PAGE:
Master Que regarded me over his tea cup, which he was holding level with the bottom of his eyes, and smiled. “It would be interesting to see you as the spirits see you. Perhaps I should make the acquaintance of a spirit talker? Or I could just work out which of your family made it their purpose to make you feel inconsequential – I sometimes feel that I should have words with them.”
I looked at him, not quite sure of the best way to frame a question or protest.
“I sometimes feel,” said Master Que calmly, “that your family should have done better by you. I have never met either of your esteemed parents, although your father has always been admirably prompt in paying my accounts, but I would have thought one of them might have endeavoured to meet the man their growing daughter was spending so much time with. You note,” his tone turned austere, “that I speak as someone whose family sold them to pay otherwise insurmountable expenses.” He added gently, “You should have had at least a thirteenth share of your parents’ attention, and I’m not sure that you ever did.”
“I was never sick, or in competitions, or in trouble,” I said. “Or particularly good at the subjects that counted as important in our house. I didn’t argue or shout, and I did what I was told.”
“If one is ‘good’ then there should be rewards for ‘good’ behaviour,” replied Master Que, “and it seems to me that has been missing for you. I honour your respect and affection for your parents and grandparents, but if you were to choose to organise your life so that you had nothing to do with them again, I would support you.”
I poked at the rest of my food with my chopsticks, and said, “My father is probably going to be annoyed that I’m not doing a Classics degree, and he was scathing about courses you can get into on the final pass of offers.”
“Even if the course was your first choice?” Master Que smiled wryly when I nodded in response. “How do you intend to handle that?”
I flashed him a wry grin of my own. “By not telling him exactly where I am, and which course I’m doing until after I’ve finished at least my undergraduate degree.”
“Avoidance can be a useful strategy,” agreed Master Que gravely and continued eating.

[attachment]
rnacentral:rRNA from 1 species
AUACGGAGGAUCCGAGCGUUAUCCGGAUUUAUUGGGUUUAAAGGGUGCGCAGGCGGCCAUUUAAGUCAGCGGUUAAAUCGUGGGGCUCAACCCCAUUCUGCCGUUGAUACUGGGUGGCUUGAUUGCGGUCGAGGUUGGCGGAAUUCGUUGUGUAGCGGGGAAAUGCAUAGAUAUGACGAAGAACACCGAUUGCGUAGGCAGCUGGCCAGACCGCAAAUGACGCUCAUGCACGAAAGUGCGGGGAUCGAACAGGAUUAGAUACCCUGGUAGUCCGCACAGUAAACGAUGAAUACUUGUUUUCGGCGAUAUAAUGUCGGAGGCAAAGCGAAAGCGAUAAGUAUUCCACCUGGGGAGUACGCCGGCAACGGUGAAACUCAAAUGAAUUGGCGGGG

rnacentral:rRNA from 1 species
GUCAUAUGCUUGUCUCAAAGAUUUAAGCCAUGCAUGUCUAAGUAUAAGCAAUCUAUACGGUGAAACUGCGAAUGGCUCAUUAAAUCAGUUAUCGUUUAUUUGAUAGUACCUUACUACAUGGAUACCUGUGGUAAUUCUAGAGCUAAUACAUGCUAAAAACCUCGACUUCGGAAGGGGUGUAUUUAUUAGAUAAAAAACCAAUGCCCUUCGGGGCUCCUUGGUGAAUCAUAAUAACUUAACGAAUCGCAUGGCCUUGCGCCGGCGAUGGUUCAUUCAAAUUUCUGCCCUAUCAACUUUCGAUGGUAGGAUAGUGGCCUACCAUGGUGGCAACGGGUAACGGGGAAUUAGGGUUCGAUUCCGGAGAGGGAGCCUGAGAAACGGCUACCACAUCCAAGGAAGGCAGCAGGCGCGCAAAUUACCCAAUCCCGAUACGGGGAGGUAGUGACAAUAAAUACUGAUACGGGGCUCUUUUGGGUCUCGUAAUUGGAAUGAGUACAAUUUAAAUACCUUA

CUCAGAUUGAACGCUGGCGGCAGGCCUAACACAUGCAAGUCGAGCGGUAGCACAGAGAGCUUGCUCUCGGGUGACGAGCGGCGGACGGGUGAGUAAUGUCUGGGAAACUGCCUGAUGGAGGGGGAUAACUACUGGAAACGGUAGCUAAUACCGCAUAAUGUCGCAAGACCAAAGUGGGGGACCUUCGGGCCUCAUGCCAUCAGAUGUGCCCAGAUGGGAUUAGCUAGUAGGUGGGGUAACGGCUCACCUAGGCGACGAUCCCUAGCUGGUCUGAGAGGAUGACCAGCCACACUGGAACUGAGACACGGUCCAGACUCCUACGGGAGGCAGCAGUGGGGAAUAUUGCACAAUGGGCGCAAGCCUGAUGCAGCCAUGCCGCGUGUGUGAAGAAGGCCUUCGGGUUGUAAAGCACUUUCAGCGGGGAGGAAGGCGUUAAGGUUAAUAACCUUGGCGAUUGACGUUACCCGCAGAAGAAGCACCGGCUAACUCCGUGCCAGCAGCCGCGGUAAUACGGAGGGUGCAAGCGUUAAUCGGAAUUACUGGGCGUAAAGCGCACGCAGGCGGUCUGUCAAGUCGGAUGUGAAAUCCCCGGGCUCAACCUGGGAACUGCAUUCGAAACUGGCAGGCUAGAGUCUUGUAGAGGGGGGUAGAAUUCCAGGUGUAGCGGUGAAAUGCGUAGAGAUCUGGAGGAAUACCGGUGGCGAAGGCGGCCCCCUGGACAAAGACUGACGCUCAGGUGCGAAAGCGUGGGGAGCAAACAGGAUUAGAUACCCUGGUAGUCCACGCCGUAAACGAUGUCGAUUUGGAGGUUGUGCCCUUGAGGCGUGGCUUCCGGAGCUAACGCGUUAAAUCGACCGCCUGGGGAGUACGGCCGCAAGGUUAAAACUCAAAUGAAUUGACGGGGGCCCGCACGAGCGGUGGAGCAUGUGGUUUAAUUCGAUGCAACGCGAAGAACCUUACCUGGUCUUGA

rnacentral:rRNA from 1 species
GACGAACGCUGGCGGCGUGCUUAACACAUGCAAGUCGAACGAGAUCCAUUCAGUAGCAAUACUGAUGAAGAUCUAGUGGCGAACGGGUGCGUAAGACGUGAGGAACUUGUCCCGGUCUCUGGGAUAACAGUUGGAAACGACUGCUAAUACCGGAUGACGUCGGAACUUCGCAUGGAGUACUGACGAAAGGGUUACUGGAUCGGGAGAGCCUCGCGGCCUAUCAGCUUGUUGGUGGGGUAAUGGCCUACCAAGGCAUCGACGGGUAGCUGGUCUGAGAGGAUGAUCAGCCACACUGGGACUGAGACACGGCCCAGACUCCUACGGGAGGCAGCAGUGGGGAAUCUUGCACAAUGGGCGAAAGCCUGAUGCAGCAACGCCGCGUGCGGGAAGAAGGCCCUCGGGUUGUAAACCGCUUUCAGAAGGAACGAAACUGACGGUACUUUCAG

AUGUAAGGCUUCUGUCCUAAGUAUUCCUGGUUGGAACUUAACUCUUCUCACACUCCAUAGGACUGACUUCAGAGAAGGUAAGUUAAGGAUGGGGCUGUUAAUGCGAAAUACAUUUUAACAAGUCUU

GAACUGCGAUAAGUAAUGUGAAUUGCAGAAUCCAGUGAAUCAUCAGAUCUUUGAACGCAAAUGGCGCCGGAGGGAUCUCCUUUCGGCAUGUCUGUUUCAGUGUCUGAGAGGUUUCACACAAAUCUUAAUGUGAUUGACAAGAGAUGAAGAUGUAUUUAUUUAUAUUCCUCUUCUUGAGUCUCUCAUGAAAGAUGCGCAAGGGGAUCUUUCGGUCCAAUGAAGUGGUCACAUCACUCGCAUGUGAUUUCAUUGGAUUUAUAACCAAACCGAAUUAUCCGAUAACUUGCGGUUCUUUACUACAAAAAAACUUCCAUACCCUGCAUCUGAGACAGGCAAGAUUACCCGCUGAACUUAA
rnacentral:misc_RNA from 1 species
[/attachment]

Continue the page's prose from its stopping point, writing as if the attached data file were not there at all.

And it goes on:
Changing the subject, I asked, “Did we get a card telling us when the technician is supposed to come by and connect the phone for us?”
“We did. I shall lunch at home in two days’ time,” replied Master Que grandly. “Once that’s done I will update my business cards.”
“Could you take the contract to Mr Su for his advice for me, please?” I smiled apologetically. “My classes start at eight tomorrow morning and I don’t finish until six. I might have time to get to his office and back from the university between classes, but I’m not confident enough to negotiate myself around the city on a tight schedule yet.”
“Consider it taken care of.” Master Que made a grand gesture with his chop sticks. “The television station is couriering over their contract in the morning, so I can submit them both for legal scrutiny at the same time.”
“The other thing I think I should mention,” I said diffidently, “is that at Gi Club this afternoon, several people suggested that I might need to drive to tournaments if I’m fighting professionally while studying here.”
“That is possible,” agreed Master Que gravely. “Your first tournament will be the students’ one at the end of the month, and after that I’ve been able to put together a four week long schedule of tournaments that we can reach by train, but beyond that it becomes…interesting and potentially fraught. The first problem, the one of not owning a car, is easily solved relatively speaking, by buying one. The second problem is that neither of us drive.”
This is now followed by An Ordinary Morning.